Friday, March 2, 2007

Home sweet homestay!

One of the best parts of the entire trip was the two-day homestay with Costa Rican families. We split up in twos and were assigned to a family in the community near Asis. I was quite anxious about this, I confess -- I speak very little Spanish, and the families spoke no English. Luckily, my homestay roomie was Edwenna, who was fearless in speaking Spanish and taking different tacks in order to have meaningful conversations with our family. She was also very kind to me and translated back and forth, so that I could participate in conversations as well. (Thanks, Edwenna!)

Edwenna and I stayed with a lovely couple named Zeila and Joaquin. They operate a small store adjacent to their home -- truly a "mom and pop" business! The store is open from 8am to 8pm every day, and sells basic foodstuffs, snacks, and other miscellaneous things in one would find in a neighborhood corner store.

The view from the backyard was fabuloso -- a wide open valley, with meandering river and grazing cattle, and Arenal looming and lost in cloud.

Joaquin wasn't very talkative, but he was very kind and went out of his way to chop down two coconuts so that Edwenna and I could have fresh pipa juice. He hacked off the top of the coconut with a small machete, then stuck straws in so that we could drink the liquid. It was delicious, and made all the more so by the view we had, sitting in the backyard on a rough-hewn wooden bench and gazing at the volcano as clouds drifted by.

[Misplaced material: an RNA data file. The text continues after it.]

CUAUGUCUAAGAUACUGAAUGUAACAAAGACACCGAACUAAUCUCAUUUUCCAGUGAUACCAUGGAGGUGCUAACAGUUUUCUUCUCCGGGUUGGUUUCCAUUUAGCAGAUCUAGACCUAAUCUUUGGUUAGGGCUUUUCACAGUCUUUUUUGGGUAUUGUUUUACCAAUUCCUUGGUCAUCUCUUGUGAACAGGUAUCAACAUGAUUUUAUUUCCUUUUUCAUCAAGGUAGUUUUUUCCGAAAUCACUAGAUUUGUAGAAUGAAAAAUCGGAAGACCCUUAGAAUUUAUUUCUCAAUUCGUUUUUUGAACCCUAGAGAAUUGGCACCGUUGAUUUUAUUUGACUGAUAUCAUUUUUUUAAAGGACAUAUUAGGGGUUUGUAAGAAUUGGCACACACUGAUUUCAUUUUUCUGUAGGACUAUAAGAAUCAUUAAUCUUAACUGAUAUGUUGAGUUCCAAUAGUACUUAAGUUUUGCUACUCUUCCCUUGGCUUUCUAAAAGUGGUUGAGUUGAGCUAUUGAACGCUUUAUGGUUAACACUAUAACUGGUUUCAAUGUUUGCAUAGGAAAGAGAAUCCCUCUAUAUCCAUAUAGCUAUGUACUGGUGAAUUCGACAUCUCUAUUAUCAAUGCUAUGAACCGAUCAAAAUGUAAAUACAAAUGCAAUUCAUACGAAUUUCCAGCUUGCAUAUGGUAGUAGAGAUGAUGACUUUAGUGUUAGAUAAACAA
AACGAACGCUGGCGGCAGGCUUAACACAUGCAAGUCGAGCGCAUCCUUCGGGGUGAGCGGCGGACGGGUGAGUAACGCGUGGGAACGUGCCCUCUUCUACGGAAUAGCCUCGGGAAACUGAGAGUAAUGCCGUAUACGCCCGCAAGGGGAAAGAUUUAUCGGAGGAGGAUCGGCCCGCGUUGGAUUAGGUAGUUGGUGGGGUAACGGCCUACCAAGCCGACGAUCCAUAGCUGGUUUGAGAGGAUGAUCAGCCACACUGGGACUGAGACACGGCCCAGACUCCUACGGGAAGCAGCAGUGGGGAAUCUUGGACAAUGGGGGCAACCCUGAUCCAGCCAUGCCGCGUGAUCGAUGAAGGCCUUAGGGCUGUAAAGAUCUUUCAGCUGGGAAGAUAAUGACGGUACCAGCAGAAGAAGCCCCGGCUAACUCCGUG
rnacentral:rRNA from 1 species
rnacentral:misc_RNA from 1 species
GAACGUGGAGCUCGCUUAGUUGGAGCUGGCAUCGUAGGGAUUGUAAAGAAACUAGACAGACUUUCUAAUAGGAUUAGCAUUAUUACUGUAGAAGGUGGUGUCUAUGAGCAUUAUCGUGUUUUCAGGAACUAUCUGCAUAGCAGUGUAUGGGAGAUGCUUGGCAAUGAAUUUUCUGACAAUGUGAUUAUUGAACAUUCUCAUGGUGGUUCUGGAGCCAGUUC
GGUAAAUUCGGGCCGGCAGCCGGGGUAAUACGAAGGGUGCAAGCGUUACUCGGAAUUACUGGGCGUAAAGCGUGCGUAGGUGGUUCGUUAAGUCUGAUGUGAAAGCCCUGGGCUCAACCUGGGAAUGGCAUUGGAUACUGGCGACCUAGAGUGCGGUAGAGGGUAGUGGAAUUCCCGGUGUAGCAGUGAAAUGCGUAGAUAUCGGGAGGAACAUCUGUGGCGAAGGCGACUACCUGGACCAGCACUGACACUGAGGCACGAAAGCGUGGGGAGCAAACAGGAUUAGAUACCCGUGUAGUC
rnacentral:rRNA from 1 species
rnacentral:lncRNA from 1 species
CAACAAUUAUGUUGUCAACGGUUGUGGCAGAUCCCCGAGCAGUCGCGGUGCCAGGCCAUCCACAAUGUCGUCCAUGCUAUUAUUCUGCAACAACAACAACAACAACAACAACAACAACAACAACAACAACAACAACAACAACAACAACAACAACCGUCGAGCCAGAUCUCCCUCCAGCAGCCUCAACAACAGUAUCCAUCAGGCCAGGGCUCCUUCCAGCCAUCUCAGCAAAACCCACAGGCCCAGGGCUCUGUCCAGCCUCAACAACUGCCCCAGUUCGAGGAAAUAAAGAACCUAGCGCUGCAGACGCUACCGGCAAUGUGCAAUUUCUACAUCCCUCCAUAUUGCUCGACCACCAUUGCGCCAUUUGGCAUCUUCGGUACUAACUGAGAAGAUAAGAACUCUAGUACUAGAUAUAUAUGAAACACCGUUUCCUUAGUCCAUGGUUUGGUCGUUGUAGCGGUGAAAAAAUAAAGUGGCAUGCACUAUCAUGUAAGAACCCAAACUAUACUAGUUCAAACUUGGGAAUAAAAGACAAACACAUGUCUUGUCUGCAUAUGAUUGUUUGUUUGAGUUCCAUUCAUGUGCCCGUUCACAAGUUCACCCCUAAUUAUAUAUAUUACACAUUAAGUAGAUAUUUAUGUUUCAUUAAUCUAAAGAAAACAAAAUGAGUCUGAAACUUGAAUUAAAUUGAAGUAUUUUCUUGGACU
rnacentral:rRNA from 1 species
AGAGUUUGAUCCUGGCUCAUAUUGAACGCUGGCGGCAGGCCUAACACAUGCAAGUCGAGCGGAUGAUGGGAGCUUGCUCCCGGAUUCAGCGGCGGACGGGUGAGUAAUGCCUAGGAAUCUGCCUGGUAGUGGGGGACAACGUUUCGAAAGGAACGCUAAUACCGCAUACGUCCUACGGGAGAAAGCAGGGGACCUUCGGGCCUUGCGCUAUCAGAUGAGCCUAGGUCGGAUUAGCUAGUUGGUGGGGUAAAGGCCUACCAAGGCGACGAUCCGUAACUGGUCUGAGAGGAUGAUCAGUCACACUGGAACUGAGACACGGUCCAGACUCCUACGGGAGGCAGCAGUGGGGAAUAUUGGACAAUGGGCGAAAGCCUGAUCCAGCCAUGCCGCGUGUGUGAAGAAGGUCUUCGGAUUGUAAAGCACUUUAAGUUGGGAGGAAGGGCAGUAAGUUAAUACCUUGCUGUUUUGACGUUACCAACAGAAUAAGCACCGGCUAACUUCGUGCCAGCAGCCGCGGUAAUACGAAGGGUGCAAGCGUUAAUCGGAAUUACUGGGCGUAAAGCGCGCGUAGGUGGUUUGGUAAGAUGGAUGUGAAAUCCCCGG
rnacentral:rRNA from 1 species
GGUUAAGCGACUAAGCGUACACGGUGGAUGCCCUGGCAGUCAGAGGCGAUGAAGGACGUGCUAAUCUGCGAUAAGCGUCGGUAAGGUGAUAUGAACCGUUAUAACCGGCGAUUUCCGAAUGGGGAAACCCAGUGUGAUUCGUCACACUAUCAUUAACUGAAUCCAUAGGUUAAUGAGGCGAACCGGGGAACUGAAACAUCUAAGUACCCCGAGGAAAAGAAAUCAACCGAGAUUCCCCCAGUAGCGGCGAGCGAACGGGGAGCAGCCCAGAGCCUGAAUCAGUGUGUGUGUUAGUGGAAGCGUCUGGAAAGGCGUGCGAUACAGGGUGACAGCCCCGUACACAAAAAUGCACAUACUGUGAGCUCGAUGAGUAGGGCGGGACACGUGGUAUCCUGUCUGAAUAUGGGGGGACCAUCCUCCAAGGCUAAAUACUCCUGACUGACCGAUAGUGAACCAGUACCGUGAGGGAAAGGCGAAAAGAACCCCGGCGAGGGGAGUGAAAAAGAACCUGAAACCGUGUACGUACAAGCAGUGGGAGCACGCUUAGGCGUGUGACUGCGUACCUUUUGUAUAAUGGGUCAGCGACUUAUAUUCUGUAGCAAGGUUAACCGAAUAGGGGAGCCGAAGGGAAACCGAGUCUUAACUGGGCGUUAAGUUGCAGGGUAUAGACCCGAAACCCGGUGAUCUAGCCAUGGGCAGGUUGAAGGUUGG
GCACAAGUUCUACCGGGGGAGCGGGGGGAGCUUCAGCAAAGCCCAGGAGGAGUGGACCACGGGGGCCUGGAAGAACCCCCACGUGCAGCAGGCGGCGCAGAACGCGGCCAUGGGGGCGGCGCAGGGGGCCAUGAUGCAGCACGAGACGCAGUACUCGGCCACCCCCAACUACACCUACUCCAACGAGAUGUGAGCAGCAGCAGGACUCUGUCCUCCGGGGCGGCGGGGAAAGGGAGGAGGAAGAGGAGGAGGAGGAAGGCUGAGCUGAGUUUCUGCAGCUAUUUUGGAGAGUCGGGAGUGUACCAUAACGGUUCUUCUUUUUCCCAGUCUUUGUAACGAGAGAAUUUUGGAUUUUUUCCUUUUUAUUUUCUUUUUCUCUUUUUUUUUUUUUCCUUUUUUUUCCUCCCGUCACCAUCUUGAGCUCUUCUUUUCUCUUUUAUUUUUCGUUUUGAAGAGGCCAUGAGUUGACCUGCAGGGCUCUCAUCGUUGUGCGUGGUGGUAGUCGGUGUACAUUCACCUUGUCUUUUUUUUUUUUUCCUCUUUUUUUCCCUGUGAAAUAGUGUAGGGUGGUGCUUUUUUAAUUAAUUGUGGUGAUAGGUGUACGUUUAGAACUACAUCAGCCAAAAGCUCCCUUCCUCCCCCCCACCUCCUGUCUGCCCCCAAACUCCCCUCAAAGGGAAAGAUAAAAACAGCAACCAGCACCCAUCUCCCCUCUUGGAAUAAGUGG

Behind the store and house, there is a lovely open-air pavilion with picnic tables and chairs and benches, clearly the site of many festive dinners and family gatherings. On our first night with our homestay families, we all gathered at Zeila's to help prepare dinner, and then had a fun time eating, drinking and dancing in the pavilion. Edwenna and I worked hard that afternoon, sweeping and mopping and making ready for the evening's festivities, with close supervision from Zeila. I also got some quick Spanish lessons -- how to say chair, table, stool, and mop! And when Francine arrived, we managed to squeeze in a little knitting time.

Once she got over the shock of fifteen women invading her kitchen, Zeila was very patient in teaching us how to make corn tortillas:

Betsey, clever girl that she is, went to the bar up the street to buy a bottle of rum, which we combined with Zeila's fresh pineaple and coconut juices to make tropical "cocktails." That really got the party started!

I was a bit surprised to see an elaborate Nativity scene taking up the corner of Zeila and Joaquin's living room. Zeila explained that they had left it up longer than usual so that Edwenna and I could see it. The women of the community get together in each other's homes to help set up the displays each December, then take them down again after the feast of the Three Kings. I was especially charmed by the small stove in the far right corner of the display, which had a pot of beans "bubbling" away and a wood fire "burning" inside.

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